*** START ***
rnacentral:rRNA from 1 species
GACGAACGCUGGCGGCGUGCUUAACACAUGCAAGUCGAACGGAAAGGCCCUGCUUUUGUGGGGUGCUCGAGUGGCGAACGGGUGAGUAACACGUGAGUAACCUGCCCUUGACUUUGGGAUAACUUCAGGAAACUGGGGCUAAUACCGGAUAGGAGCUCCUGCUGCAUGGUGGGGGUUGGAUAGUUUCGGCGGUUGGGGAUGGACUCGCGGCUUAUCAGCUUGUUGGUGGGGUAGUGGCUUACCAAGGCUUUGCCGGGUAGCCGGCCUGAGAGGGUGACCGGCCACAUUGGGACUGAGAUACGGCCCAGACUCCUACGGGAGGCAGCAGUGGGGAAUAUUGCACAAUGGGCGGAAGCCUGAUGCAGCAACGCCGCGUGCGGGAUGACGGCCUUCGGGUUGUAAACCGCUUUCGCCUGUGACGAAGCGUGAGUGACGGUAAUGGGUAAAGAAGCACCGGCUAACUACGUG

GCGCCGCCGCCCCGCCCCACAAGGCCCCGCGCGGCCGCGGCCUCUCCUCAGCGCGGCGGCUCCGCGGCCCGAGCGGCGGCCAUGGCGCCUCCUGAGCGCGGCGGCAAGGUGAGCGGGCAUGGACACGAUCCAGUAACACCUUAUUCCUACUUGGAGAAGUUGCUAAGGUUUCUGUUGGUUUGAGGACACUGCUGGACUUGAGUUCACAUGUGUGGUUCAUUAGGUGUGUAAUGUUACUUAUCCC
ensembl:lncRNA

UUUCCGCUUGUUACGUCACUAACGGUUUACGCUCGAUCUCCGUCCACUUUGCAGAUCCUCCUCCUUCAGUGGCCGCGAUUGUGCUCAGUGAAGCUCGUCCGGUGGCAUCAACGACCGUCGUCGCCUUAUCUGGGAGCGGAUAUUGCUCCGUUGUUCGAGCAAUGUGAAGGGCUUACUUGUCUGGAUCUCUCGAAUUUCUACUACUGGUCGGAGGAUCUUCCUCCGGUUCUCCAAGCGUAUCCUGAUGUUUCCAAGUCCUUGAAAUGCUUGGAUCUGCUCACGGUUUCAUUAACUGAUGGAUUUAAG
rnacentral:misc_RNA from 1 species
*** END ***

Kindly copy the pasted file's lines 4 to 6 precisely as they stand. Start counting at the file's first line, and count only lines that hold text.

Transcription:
ensembl:lncRNA

UUUCCGCUUGUUACGUCACUAACGGUUUACGCUCGAUCUCCGUCCACUUUGCAGAUCCUCCUCCUUCAGUGGCCGCGAUUGUGCUCAGUGAAGCUCGUCCGGUGGCAUCAACGACCGUCGUCGCCUUAUCUGGGAGCGGAUAUUGCUCCGUUGUUCGAGCAAUGUGAAGGGCUUACUUGUCUGGAUCUCUCGAAUUUCUACUACUGGUCGGAGGAUCUUCCUCCGGUUCUCCAAGCGUAUCCUGAUGUUUCCAAGUCCUUGAAAUGCUUGGAUCUGCUCACGGUUUCAUUAACUGAUGGAUUUAAG
rnacentral:misc_RNA from 1 species